Keir Starmer accuses Tory leadership hopefuls of eyeing ‘magic money tree’

Keir Starmer accuses Tory leadership hopefuls of eyeing ‘magic money tree’

Sir Keir Starmer accused Tory leadership hopefuls of plucking £200 billion of uncosted commitments from the “magic money tree”.

The Labour leader demanded that those vying to replace Boris Johnson as Prime Minister set out the cuts or borrowing they would need as they take part in an “arms race of fantasy economics”.

He accused the candidates trying to lead the Conservative Party of “desperately trying to launder its integrity” after it was “infected with the chaos virus caught from Boris Johnson”.

But Sir Keir was forced to defend allegations about his own personality as he seeks to lead the country, declaring: “The only thing that’s boring is opposition.”

Tory candidates including Cabinet ministers Liz Truss, Nadhim Zahawi and Grant Shapps, as well as former secretaries of state Jeremy Hunt and Sajid Javid, have pledged tax cuts as they seek to win the votes of Conservative MPs and party members.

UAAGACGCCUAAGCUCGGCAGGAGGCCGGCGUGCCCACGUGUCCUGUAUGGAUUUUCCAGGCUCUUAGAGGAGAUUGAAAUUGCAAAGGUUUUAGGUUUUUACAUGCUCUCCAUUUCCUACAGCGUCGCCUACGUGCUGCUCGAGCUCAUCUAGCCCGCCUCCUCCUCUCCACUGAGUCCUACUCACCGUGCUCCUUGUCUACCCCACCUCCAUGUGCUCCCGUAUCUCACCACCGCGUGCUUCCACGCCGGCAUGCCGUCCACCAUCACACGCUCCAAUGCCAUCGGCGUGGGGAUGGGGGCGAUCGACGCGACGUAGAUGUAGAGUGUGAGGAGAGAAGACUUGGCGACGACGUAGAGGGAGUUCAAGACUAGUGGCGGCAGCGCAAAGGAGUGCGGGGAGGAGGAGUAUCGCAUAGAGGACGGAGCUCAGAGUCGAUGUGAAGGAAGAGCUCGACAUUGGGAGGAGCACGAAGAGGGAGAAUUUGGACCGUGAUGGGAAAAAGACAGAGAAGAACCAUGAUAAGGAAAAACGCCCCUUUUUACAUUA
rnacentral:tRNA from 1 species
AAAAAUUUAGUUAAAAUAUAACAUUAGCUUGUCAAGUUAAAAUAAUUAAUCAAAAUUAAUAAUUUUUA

But senior Conservative Robert Jenrick, who is backing former chancellor Rishi Sunak, is among those criticising promises of “fantasy tax cuts” during a strain on “credibility”.

During a speech in Gateshead, Sir Keir said there had been “more than £200 billion worth of unfunded spending commitments” from the candidates over the weekend.

“That’s more than the annual budget of the NHS, splurged on to the pages of the Sunday papers, without a word on how it’ll be paid for,” he said.

He challenged candidates to “tell us precisely where they’re getting that money from”, whether it is from cuts to public services or increases to borrowing.

“Or is it the magic money tree that they’ve suddenly discovered having arrived back down here from the moon where they’ve been for the last 12 years?” he said.

As he demands a general election, Sir Keir did not rule out tax cuts if he entered No 10.

Instead he said: “We won’t be making any unfunded commitments, everything we say will be funded and that will be set out.”

During an interview with broadcasters, he added that he wants a “fair tax system” that would “reduce the burden on working people”.

Shadow chancellor Rachel Reeves described tax-cutting plans by Tory leadership candidates as a “festival of irresponsibility” and said Nadhim Zahawi’s proposal to force Government departments to reduce costs by 20% to fund tax cuts was “grossly irresponsible”.